Have students write a collaborative poem or story using Twitter, IM, Edmodo or Facebook. This way, authors can contribute one word, one line, or several paragraphs.

This website is dedicated to promoting inclusive schooling and exploring positive ways of supporting students with autism and other disabilities. Most of my work involves collaborating with schools to create environments, lessons, and experiences that are inclusive, respectful, and accessible for all learners.


Day 20: Life Behind Glass: A Personal Account of Autism Spectrum Disorder

Posted on April 20, 2014 in Autism

I am always surprised by how few people are familiar with Wendy Lawson’s Life Behind Glass. It is a short and illuminating read and nearly everyone I have shared it with has found it to be both poignant and useful. It is little-known books like Life Behind Glass that made me want to dedicate an entire month to spotlighting autobiographies.

Wendy is brutally honest in her story. She details her time in a mental institution and the difficulties she experienced in getting the right diagnosis. There is a lot of pain and confusion in these pages.

The book, however, is about much more than Wendy’s challenges. There are many notes of celebration in this book, making the story rich, complex and very human. In one of my favorite passages, for instance, Wendy shares how her different way of viewing the world allows her to find and recognize beauty in …

Day 19: Look Me In the Eye: My Life with Asperger’s

Posted on April 19, 2014 in Autism

I bought Look Me in the Eye: My Life with Asperger’s by John Elder Robison because of the picture on the book cover. So many on the autism spectrum have communicated that eye contact is painful and stressful. Some have even shared that making eye contact is a barrier to listening. Many authors of autobiographies discuss the need for “gaze avoidance” in their books, but only Robison integrated this challenge into his title and into his book jacket. They say you can’t judge a book by its cover, but this autobiography sold me at first glance.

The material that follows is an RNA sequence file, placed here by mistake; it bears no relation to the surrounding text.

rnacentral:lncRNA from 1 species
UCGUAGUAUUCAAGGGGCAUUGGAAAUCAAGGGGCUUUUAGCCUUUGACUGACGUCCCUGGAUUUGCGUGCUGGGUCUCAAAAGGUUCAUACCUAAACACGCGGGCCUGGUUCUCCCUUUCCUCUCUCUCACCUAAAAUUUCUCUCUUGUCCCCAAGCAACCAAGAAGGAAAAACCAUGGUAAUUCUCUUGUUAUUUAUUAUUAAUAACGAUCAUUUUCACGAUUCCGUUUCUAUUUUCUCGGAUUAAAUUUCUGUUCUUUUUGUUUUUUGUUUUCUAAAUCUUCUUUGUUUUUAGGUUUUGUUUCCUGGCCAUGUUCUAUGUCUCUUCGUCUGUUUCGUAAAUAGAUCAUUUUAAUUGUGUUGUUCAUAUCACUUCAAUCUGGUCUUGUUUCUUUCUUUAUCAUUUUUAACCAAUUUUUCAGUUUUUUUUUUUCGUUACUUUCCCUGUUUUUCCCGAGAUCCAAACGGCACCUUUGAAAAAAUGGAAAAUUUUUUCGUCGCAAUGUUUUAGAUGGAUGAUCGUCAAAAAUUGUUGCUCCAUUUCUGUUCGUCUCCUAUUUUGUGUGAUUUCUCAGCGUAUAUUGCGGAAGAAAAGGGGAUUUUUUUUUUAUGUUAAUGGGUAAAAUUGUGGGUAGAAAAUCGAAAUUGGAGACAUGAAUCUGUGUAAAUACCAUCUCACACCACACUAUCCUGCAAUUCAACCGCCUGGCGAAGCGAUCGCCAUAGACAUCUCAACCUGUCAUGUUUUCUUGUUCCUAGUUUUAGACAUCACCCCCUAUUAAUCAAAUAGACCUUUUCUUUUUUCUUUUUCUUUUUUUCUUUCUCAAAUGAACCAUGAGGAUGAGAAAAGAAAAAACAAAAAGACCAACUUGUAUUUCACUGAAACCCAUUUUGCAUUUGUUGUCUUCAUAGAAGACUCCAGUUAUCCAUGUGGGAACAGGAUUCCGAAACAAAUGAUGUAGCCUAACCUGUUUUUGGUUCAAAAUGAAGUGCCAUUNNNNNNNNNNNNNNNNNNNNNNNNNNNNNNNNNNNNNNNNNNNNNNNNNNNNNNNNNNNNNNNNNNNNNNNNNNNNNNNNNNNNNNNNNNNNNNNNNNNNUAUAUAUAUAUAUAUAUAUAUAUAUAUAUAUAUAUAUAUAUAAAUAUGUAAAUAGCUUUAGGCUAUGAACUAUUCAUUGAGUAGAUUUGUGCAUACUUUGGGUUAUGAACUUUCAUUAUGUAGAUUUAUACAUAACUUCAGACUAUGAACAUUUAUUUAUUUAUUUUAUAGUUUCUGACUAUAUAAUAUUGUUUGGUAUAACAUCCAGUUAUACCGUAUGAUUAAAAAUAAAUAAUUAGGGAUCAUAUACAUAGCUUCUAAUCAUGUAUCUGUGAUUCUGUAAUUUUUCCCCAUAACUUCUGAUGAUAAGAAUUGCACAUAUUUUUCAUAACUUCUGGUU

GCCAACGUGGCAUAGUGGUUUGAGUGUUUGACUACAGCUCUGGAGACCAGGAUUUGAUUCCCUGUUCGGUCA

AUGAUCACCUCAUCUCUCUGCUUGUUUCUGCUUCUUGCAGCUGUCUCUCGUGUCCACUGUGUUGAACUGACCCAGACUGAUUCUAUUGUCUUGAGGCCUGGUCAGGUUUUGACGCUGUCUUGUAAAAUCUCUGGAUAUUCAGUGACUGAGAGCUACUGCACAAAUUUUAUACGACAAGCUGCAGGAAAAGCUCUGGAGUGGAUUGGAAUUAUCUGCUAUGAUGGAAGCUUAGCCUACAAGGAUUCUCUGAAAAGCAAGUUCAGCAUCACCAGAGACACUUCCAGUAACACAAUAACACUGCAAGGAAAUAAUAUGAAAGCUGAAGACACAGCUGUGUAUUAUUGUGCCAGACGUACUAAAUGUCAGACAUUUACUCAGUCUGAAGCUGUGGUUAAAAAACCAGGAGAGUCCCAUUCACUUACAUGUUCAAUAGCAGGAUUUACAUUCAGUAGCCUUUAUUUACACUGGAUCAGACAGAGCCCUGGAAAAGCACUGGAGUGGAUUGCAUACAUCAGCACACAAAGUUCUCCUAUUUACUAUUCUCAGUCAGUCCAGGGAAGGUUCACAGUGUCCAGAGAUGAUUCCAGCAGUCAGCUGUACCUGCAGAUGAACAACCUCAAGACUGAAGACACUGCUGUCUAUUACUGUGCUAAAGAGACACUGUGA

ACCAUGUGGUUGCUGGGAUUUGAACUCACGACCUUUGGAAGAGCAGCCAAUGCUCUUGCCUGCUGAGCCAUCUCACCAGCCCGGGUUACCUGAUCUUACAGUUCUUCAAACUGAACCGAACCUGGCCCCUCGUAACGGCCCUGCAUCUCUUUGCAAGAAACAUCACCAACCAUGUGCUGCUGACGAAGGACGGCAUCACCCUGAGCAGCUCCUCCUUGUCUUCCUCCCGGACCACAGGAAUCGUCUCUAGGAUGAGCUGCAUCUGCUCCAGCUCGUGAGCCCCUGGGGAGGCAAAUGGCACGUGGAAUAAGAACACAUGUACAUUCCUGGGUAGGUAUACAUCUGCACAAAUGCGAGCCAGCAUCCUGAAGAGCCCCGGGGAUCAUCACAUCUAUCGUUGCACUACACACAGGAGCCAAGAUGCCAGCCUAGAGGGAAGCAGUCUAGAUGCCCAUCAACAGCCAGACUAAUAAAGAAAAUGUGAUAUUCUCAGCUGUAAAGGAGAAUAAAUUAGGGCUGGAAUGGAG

If you find yourself puzzled by …

Day 18: Lucy’s Story: Autism and Other Adventures

Posted on April 18, 2014 in Autism

Long before I knew about Carly’s Voice, I knew about Lucy’s Story. Lucy Blackman has a story very similar to Carly Fleishman’s in that she lived for years without the ability to communicate and enjoyed an awakening of sorts in her family life, schooling, and opportunities once those around her could finally see her abilities, needs, and challenges.

I really appreciate how Lucy details her reactions to different approaches and supports (e.g., auditory integration therapy). As a teacher, I have learned a lot about sensory issues and movement differences from this book and have really profited from being able to understand how …

Day 17: Carly’s Voice: Breaking through Autism

Posted on April 17, 2014 in Autism

Like There’s a Boy in Here, Carly’s Voice is written by both a parent and a child. Both sections are captivating, heartbreaking, and heartwarming. In many ways, this is a story of a search for support. We learn of a family’s struggle to find help for their young child and of the ups and downs of their quest. In the end, this is a happy story as we follow Carly from her days of silence to the moments of finding her voice to her life as an advocate and self-advocate.

Carly’s Voice is yet another exciting account of a child without reliable communication who gained access to augmentative communication and shocked everyone around her with her competence and complexity. This is the story of many of the books I am reviewing this month including How Can I Talk if My Lips Don’t Move? , I Am Intelligent, and tomorrow’s selection, Lucy’s Story. These books are such an important …

Day 16: There’s a Boy in Here: Emerging from the Bonds of Autism

Posted on April 16, 2014 in News

Today, Sean Barron is a successful advocate, writer, and journalist, but as a child, he isolated, unhappy, and constantly frustrated. Confused about how to interact with others , he shares that he often felt like an alien—even in his own family.

There’s a Boy in Here-written by Sean and his mother-is such a touching and unique account as we hear family stories from two voices and two perspectives. These dual vantage points helped me a lot in my early days as a teacher, because I had never before considered that the child’s experience could be so different from my own. After reading this book, I would regularly try to …

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